Wednesday, January 18, 2012

Cruise Ship Disaster?

Print Friendly and PDF By now everybody who has access to any form of news media must be aware of the unfortunate accident involving the Costa Concordia off the coast of Italy this past weekend.  Any accident that leads to injury and/or loss of life is a bad accident, and there is no way to argue that.

What I must argue, however, is the media's latest bout of stories regarding how this accident will be a harm to the industry: people will be afraid to take cruises, the industry is under-policed, the companies take too many risks, etc., etc.  All of those stories, in my mind, are "missing the boat."

The major fact regarding this accident are that a 99%+ of the people aboard survived. They may not have had a "nice" time getting off the ship, confusion might have reigned, but they are alive and kicking. Considering what they had just been through, they should be thankful.  Of course there was confusion: this was a first time event for virtually everyone aboard.  I can't say that no one aboard had experience with this type of accident, but I can be pretty sure saying that almost nobody did. None of us know how we would react in such a situation, so we ought to refrain from excessive comment about ship employees seeming confused and passengers being pushy.

I have heard people say that the ship was lucky in that it was close to shore: that helped the survival rate.  But let's be real: it was the ship being too close to shore that caused the accident in the first place. Perhaps it was the ship's captain that put it in danger, perhaps something else happened.  Until we know exactly why the ship was there, we are just speculating. I would like to believe that the captain was the one responsible, because human error is easy to understand, if hard to accept.  Whatever happened, the captain's leadership qualities can be called into question (not necessarily blamed, yet.)  The ship's listing made evacuation problematic, so maybe the best decision the captain could have made would have been to abandon the ship sooner. That, however, is assuming he had all necessary information at hand.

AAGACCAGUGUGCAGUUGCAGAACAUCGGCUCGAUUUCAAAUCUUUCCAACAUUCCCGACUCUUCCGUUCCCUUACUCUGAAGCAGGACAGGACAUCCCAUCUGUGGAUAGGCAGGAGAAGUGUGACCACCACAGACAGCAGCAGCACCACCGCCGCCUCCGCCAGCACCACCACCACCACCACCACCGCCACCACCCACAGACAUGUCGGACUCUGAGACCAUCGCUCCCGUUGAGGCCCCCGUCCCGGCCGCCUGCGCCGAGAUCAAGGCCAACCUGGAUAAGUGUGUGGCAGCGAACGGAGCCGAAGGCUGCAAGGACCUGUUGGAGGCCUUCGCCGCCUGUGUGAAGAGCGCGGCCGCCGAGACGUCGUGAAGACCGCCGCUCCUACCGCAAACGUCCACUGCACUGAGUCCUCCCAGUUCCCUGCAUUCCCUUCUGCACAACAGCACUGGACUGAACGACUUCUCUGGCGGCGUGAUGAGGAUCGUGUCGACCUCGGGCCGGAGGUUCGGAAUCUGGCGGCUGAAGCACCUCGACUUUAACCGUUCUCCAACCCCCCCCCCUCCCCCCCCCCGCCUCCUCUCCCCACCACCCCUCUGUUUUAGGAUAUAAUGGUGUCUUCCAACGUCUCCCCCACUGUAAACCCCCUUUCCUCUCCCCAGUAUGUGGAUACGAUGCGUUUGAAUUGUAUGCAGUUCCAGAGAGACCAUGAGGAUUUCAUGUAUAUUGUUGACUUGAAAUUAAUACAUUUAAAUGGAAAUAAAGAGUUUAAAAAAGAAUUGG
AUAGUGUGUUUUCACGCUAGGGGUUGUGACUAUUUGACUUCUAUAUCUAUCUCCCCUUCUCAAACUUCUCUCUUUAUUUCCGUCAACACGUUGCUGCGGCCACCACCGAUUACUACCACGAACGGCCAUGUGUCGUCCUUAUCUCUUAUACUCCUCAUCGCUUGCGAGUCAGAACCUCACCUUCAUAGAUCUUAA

If we limit ourselves to the human element in this accident, we will have to refrain  from calling it a major maritime disaster. If we look at the dollar side, it looms much larger.  We might consider it the reverse of the capsizing of the Ethan Allen on Lake George in 2005, where 21 out of 49 people perished. That accident involved a relatively small boat, but had a much much bigger human impact than did this accident involving the Costa Concordia.

As regards the cruise industry and its potential customers I can only say that the system isn't perfect, but it's pretty good.  A ship took a major hit and over 99% of its passengers and crew are alive to talk about it. When this happened to US Airways in the Hudson, we called it a miracle and praised its captain.

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